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Tuesday, November 20, 2012

'Black Friday 2012' Best Complete DVD Series: The Year of Shout

Shout Factory's typically great job with "All in the Family" the complete series earns that set top honors on this year's Black Friday list of best complete series DVD sets. It is genuinely a coincidence that the Shout Factory store is running a good sale on that set as of the writing of this post.

As I wrote in my review of "Family" when Shout released it, this example from of CBS' golden age of sitcoms in the '70s depicted the daily life of a middle-aged blue collar WWII veteran, his loving and seemingly simple-minded wife, their 20-something quasi-liberated daughter, and the daughter's suburban radical husband.

The range of the superbly written and perfectly acted theatrical quality series went from slapstick scenes, such as two people getting stuck in a doorway, to deep drama regarding countless still timely topics such as abortion, addiction, and virtually every form of bias.

The "Family"  DVD set has every element of the complete series sets that Shout does so well. It is a classic show that another studio stopped releasing after a few seasons, it is chock full o' extras that include previously unseen pilot episodes and rare episodes of "Family" spinoffs, and it includes a comprehensive booklet with television experts' entertaining and insightful comments and detailed episode synopses. 

Shout does such a great job with these sets because it is clear that their executive sofa spuds share my deep love of these classic shows.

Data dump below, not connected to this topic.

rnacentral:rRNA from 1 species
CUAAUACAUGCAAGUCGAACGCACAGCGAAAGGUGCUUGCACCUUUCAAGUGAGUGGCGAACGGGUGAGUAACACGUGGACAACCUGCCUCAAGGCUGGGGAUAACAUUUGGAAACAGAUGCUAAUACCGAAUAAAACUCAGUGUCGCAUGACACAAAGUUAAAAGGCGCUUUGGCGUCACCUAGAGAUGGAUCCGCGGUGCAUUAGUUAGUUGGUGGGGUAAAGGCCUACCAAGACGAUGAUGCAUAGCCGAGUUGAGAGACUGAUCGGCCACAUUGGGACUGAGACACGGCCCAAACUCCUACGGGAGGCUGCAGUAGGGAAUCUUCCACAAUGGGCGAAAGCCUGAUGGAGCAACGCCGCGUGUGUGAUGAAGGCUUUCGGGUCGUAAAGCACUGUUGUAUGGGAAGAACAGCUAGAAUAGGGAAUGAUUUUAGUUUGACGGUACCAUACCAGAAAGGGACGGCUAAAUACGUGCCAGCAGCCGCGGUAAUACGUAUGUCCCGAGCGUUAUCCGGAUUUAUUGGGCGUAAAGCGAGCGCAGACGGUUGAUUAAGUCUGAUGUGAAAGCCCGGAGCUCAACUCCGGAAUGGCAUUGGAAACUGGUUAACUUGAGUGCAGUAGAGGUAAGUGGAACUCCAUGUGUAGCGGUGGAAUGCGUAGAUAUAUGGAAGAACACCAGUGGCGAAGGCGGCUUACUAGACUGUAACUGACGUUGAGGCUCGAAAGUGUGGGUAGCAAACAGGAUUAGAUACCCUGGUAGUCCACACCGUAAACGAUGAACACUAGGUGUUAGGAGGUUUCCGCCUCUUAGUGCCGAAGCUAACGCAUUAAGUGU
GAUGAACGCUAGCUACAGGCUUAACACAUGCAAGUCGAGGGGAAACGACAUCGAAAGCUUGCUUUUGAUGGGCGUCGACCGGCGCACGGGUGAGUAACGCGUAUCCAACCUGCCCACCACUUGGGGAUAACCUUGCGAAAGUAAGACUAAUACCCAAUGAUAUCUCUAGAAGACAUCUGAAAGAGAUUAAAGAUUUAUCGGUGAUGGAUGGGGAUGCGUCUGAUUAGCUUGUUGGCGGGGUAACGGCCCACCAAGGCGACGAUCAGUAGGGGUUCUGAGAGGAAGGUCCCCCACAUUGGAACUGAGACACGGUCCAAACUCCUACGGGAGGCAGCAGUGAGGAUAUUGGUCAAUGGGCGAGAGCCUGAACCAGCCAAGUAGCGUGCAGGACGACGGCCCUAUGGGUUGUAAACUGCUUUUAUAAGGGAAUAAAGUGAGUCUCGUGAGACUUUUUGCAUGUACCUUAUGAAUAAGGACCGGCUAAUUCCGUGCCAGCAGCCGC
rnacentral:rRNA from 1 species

Shout's very good complete series set of the '60s quasi-anthology series "Route 66" earns second place in this list. "66," which depicts two young men hitting the road looking for both adventure and whatever comes their way.

This is a great set, and the show is as much of a classic as "Family." The set however is not quite as good as "Family" simply because it lacks the same comprehensive booklet that distinguishes the Shout Factory complete series set. 

Also, there are not quite as many special features as other Shout Factory complete series sets. Having said that, a 1990 Paley Festival Panel on "66" is a must see for new and old fans.

Before moving on to awarding the "bronze medal" for this year's sets, I want to mention other outstanding Shout complete series sets from prior years. These sets are just as great as the "Family" set.

I believe that I awarded top honors to Shout's complete series release of Judd Apatow's early classic "Freaks and Geeks" when it was released. This show launched the careers of many folks, including Seth Rogen and James Franco, and the set simply rocks.

In some respects, I liked Apatow's second effort "Undeclared" even better than "Freaks" because I could relate a little more to this series about college freshman adjusting to dorm life and classes than I could about high school kids in the '70s. 

"Undeclared's" themes were also just a hair more timeless than "Freaks." However, Shout did Apatow proud once again. Further, I can state that the rumors regarding missing episodes and episodes being out of order are completely false.